Society for Ethnomusicology Annual Conference (2013: Indianapolis)

I just returned from "Indy" last night, where I attended the annual Society for Ethnomusicology (SEM) Conference. It was quite the big experience, each day full and I wonder if I can do justice to the experience in a blog post.

General Intro
First of all, for my wonderful blog readers who are less familiar with academic conferences, just a little background info. Conferences are held by all the major societies once per year, and generally the timing is the same. For example, I haven't ever gone to the Asian Theatre Association conference, because it's always the middle weekend in June. As a graduate student in a quarter system school this meant that the conference was about the same time as my final papers were due and about the same time as I might be moving somewhere. It can also overlap with summer solstice. SEM has their conference in early November (this year was later than normal) and the Association for Asian Studies (AAS, my other big conference per year) meeting is in March (usually the middle of March, although 2014 is at the end of March). The conferences move cities each year, and are usually in really large cities like LA or Chicago or Philadelphia. When the conferences happen somewhere smaller the transportation headaches can be a real nightmare. This type of academic conference may have presentations all day, in multiple rooms, even extending into the evening. There can be 20 or more simultaneous presentations (very frustrating because there is always an overlap and you have to make tough choices about what to see) in different rooms. When you're lucky it's easy to find all the rooms and they are all within a couple floors of each other, when you're not the last day of the conference you're still wandering hallways, lost, and walking into talks late. Talks are grouped into panels to present research, or roundtables to discuss a topic of general concern to the members of the roundtable. At SEM there was a roundtable to talk about phenomenological approaches to the study of ethnomusicology, and another to talk about multi-faceted mentorships, among others. There are usually key-note speeches and an address to the whole membership, with no other activities scheduled during that time period. There are also meetings of interest to sub-groups, for example I am a member of two SEM sub-groups: the Dance, Movement, Gesture Section and the Association for Korean Music Research, so I went to those groups.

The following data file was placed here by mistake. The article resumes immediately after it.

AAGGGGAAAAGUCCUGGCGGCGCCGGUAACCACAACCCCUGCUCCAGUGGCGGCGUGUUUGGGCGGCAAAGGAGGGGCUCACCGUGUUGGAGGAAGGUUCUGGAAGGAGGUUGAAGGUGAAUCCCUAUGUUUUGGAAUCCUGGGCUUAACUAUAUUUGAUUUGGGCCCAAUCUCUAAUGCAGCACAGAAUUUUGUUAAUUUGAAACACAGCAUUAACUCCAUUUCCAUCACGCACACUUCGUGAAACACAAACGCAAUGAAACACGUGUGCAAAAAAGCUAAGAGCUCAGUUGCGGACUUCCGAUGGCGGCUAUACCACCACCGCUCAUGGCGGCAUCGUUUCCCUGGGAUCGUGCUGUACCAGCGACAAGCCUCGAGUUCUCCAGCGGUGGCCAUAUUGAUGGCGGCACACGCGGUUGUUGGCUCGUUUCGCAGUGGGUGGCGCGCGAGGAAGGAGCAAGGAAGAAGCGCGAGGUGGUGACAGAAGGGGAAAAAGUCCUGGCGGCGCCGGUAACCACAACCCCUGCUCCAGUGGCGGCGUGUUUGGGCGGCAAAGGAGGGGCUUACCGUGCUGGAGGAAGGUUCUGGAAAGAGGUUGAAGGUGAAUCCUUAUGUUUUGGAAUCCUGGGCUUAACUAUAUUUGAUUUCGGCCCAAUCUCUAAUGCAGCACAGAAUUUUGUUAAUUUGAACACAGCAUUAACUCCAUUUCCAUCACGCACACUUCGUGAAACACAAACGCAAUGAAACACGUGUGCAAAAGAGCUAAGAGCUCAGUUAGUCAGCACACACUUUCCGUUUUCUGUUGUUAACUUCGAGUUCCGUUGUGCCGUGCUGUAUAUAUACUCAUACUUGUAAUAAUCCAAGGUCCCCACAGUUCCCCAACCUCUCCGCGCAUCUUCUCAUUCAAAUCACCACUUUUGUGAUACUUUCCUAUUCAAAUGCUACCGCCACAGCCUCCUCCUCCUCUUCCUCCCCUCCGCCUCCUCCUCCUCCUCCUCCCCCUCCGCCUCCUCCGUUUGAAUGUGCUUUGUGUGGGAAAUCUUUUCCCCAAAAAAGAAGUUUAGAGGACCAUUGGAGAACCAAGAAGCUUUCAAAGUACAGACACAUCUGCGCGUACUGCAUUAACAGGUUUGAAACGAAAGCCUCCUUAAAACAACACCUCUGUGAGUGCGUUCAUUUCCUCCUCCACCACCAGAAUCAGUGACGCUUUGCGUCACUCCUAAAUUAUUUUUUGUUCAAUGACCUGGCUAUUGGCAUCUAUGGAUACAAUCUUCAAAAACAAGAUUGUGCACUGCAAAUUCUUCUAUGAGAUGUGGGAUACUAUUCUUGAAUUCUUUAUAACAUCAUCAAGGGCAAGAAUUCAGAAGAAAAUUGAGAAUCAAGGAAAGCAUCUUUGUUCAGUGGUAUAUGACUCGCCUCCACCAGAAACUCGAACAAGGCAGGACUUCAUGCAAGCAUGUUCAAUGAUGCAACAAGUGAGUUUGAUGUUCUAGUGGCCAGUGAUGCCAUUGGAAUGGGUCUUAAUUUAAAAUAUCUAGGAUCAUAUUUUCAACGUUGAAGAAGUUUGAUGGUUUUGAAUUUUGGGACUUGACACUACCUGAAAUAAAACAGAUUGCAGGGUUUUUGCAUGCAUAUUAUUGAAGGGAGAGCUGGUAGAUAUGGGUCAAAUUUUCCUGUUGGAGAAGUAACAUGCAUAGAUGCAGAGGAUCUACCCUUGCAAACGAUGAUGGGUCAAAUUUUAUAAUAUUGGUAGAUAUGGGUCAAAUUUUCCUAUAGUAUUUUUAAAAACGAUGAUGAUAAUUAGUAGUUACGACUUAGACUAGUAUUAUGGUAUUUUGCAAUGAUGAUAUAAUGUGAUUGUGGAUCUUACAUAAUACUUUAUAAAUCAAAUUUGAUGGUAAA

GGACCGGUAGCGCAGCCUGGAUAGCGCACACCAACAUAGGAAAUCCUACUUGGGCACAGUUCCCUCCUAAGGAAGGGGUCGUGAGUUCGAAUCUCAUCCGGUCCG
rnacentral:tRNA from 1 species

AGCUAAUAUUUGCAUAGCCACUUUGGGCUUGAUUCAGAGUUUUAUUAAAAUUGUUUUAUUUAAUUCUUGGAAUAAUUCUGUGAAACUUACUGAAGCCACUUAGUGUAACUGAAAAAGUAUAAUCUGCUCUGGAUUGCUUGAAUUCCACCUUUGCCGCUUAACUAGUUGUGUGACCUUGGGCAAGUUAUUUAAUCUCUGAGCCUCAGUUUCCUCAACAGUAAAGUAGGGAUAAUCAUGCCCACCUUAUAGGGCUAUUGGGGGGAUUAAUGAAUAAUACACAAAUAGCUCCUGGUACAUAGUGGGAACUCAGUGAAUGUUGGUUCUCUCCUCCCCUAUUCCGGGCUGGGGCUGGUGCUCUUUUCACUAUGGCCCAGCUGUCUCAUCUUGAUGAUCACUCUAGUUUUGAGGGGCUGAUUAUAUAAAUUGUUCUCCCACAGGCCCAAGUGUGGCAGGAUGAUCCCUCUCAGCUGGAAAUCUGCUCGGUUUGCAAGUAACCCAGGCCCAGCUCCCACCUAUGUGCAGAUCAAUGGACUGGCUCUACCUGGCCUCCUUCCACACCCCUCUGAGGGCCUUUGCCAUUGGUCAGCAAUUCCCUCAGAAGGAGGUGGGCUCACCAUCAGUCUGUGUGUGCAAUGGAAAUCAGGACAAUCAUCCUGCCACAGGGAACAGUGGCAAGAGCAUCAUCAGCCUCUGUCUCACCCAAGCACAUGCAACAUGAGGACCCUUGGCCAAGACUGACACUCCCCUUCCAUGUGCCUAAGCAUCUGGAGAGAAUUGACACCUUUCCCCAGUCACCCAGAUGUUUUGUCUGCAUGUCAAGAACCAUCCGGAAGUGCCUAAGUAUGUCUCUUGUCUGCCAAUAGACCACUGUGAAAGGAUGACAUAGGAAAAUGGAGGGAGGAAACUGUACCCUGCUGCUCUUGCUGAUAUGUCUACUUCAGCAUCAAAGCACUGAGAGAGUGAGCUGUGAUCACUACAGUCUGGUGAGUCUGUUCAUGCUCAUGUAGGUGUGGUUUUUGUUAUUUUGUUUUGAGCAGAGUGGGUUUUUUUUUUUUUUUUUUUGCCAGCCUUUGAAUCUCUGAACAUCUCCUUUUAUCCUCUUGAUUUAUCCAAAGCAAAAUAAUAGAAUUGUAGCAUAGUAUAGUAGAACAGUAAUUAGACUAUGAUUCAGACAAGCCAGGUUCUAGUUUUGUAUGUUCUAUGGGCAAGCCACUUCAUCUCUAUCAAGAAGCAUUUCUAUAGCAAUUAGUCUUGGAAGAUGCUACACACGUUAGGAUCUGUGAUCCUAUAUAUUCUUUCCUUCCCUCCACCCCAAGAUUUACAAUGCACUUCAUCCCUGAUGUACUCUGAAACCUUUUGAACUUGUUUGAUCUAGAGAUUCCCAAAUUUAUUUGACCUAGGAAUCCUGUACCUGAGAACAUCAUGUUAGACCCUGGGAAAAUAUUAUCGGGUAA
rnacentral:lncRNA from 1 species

View out the window of our hotel at pre-dawn
Receptions
In the evening after all the panels are done there are various receptions, these can be hosted by a press, but usually they are hosted by a university with a larger department (or departments) devoted to the general subject of the conference. Receptions can have good food, and a free drink or more, but usually they have crappy snacks and increasingly they don't even have one free drink. UCLA, even though they have strong Asian Studies has never had an AAS reception when I was at AAS, this year they had one at SEM, but we didn't even get a single free drink and the snacks were overly-salty nuts, weird pretzels, dyed chips, and very crappy guacamole. Harvard, as you could guess, had better snacks (like grilled asparagus) and free unlimited drinks. The best reception I go to each year is that of the Korea Foundation at AAS. Last year they just kept bringing out food. And it was real food, people could get full! Receptions start on a rolling basis in the evening, and may continue until midnight, most continue for two hours, but there are other simultaneous receptions, and if your university isn't having one, you're free to go anywhere you want, or pop in and out. They are the best time to have casual conversations with people and make new connections-- of course it's nice if someone can introduce you to the right folks, but as I've gotten to be more of an old hand, I find I'm the one doing introductions, or people are being introduced to me. It's fun to feel the tables turning, because I definitely prefer to be the one who is helping others make connections!